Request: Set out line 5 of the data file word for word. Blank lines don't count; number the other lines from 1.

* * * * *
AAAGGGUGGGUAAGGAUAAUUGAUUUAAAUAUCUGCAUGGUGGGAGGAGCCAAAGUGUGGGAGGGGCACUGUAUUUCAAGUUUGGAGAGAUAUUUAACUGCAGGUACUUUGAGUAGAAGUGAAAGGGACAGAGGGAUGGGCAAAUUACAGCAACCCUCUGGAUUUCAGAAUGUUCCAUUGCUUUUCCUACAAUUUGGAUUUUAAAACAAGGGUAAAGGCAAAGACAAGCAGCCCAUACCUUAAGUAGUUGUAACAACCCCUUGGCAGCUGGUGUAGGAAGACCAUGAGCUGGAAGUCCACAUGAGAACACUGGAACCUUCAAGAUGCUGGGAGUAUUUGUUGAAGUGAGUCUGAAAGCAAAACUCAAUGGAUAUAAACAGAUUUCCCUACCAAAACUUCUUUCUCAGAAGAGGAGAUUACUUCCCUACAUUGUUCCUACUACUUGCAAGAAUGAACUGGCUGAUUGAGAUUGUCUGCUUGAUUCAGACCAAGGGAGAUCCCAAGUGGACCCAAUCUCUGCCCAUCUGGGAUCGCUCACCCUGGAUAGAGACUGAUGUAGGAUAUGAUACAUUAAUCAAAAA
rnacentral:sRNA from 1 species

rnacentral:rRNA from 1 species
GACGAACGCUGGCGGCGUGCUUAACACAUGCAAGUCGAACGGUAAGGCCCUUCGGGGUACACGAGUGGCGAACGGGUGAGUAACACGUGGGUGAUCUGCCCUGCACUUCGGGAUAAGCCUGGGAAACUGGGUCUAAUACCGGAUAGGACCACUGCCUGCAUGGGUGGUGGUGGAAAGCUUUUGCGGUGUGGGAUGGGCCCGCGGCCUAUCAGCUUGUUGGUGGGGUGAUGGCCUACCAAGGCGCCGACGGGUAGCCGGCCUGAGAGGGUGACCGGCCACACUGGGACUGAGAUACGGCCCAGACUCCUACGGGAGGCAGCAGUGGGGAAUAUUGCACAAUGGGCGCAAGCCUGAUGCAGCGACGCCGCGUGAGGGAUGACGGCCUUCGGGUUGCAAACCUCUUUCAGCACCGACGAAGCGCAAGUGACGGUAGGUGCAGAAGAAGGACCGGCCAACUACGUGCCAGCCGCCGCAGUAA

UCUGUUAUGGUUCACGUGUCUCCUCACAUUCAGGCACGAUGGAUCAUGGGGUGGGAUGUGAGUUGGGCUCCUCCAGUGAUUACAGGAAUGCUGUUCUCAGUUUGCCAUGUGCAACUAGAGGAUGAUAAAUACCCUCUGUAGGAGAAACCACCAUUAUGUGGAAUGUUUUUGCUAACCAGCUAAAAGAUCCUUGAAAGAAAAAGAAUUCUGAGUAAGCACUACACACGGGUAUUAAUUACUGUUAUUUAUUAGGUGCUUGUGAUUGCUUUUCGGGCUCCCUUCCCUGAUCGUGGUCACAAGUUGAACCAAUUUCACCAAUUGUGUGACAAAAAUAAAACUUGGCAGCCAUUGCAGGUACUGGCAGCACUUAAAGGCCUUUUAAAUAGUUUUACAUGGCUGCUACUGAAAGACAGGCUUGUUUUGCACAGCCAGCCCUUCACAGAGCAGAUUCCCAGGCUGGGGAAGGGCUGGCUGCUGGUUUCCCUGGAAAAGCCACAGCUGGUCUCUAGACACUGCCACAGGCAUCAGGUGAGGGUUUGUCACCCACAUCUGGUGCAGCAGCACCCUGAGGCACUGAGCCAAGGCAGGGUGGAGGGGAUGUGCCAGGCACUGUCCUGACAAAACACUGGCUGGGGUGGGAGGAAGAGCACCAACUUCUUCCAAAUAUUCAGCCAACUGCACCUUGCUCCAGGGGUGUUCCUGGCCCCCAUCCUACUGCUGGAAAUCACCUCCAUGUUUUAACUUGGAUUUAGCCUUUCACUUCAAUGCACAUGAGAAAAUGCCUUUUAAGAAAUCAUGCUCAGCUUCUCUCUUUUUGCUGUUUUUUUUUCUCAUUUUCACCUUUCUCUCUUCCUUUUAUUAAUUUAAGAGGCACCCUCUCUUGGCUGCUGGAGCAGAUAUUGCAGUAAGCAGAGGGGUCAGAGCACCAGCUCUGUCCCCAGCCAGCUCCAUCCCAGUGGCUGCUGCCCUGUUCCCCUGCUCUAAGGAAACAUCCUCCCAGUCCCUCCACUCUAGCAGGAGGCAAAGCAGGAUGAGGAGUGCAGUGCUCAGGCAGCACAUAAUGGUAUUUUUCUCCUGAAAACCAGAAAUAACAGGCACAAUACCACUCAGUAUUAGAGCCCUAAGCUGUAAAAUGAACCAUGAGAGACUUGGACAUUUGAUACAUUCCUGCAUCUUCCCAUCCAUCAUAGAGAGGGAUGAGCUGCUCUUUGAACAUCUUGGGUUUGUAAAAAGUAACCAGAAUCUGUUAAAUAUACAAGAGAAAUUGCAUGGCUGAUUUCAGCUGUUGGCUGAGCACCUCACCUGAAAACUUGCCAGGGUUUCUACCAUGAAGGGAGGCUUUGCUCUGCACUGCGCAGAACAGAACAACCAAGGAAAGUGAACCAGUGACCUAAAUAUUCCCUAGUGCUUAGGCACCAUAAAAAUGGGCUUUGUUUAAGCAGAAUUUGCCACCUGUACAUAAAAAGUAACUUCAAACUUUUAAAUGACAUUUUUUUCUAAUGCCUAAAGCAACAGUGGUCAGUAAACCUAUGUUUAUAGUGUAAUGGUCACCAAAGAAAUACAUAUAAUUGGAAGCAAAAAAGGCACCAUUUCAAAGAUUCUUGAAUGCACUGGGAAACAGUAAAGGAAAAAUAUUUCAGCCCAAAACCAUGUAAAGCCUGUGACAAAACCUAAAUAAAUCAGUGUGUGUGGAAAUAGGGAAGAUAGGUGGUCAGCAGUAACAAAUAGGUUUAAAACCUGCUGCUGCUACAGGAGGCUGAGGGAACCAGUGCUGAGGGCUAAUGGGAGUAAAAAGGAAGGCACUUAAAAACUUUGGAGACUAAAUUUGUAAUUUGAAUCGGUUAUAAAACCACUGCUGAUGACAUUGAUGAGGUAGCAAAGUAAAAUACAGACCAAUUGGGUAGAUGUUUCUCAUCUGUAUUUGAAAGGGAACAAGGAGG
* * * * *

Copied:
UCUGUUAUGGUUCACGUGUCUCCUCACAUUCAGGCACGAUGGAUCAUGGGGUGGGAUGUGAGUUGGGCUCCUCCAGUGAUUACAGGAAUGCUGUUCUCAGUUUGCCAUGUGCAACUAGAGGAUGAUAAAUACCCUCUGUAGGAGAAACCACCAUUAUGUGGAAUGUUUUUGCUAACCAGCUAAAAGAUCCUUGAAAGAAAAAGAAUUCUGAGUAAGCACUACACACGGGUAUUAAUUACUGUUAUUUAUUAGGUGCUUGUGAUUGCUUUUCGGGCUCCCUUCCCUGAUCGUGGUCACAAGUUGAACCAAUUUCACCAAUUGUGUGACAAAAAUAAAACUUGGCAGCCAUUGCAGGUACUGGCAGCACUUAAAGGCCUUUUAAAUAGUUUUACAUGGCUGCUACUGAAAGACAGGCUUGUUUUGCACAGCCAGCCCUUCACAGAGCAGAUUCCCAGGCUGGGGAAGGGCUGGCUGCUGGUUUCCCUGGAAAAGCCACAGCUGGUCUCUAGACACUGCCACAGGCAUCAGGUGAGGGUUUGUCACCCACAUCUGGUGCAGCAGCACCCUGAGGCACUGAGCCAAGGCAGGGUGGAGGGGAUGUGCCAGGCACUGUCCUGACAAAACACUGGCUGGGGUGGGAGGAAGAGCACCAACUUCUUCCAAAUAUUCAGCCAACUGCACCUUGCUCCAGGGGUGUUCCUGGCCCCCAUCCUACUGCUGGAAAUCACCUCCAUGUUUUAACUUGGAUUUAGCCUUUCACUUCAAUGCACAUGAGAAAAUGCCUUUUAAGAAAUCAUGCUCAGCUUCUCUCUUUUUGCUGUUUUUUUUUCUCAUUUUCACCUUUCUCUCUUCCUUUUAUUAAUUUAAGAGGCACCCUCUCUUGGCUGCUGGAGCAGAUAUUGCAGUAAGCAGAGGGGUCAGAGCACCAGCUCUGUCCCCAGCCAGCUCCAUCCCAGUGGCUGCUGCCCUGUUCCCCUGCUCUAAGGAAACAUCCUCCCAGUCCCUCCACUCUAGCAGGAGGCAAAGCAGGAUGAGGAGUGCAGUGCUCAGGCAGCACAUAAUGGUAUUUUUCUCCUGAAAACCAGAAAUAACAGGCACAAUACCACUCAGUAUUAGAGCCCUAAGCUGUAAAAUGAACCAUGAGAGACUUGGACAUUUGAUACAUUCCUGCAUCUUCCCAUCCAUCAUAGAGAGGGAUGAGCUGCUCUUUGAACAUCUUGGGUUUGUAAAAAGUAACCAGAAUCUGUUAAAUAUACAAGAGAAAUUGCAUGGCUGAUUUCAGCUGUUGGCUGAGCACCUCACCUGAAAACUUGCCAGGGUUUCUACCAUGAAGGGAGGCUUUGCUCUGCACUGCGCAGAACAGAACAACCAAGGAAAGUGAACCAGUGACCUAAAUAUUCCCUAGUGCUUAGGCACCAUAAAAAUGGGCUUUGUUUAAGCAGAAUUUGCCACCUGUACAUAAAAAGUAACUUCAAACUUUUAAAUGACAUUUUUUUCUAAUGCCUAAAGCAACAGUGGUCAGUAAACCUAUGUUUAUAGUGUAAUGGUCACCAAAGAAAUACAUAUAAUUGGAAGCAAAAAAGGCACCAUUUCAAAGAUUCUUGAAUGCACUGGGAAACAGUAAAGGAAAAAUAUUUCAGCCCAAAACCAUGUAAAGCCUGUGACAAAACCUAAAUAAAUCAGUGUGUGUGGAAAUAGGGAAGAUAGGUGGUCAGCAGUAACAAAUAGGUUUAAAACCUGCUGCUGCUACAGGAGGCUGAGGGAACCAGUGCUGAGGGCUAAUGGGAGUAAAAAGGAAGGCACUUAAAAACUUUGGAGACUAAAUUUGUAAUUUGAAUCGGUUAUAAAACCACUGCUGAUGACAUUGAUGAGGUAGCAAAGUAAAAUACAGACCAAUUGGGUAGAUGUUUCUCAUCUGUAUUUGAAAGGGAACAAGGAGG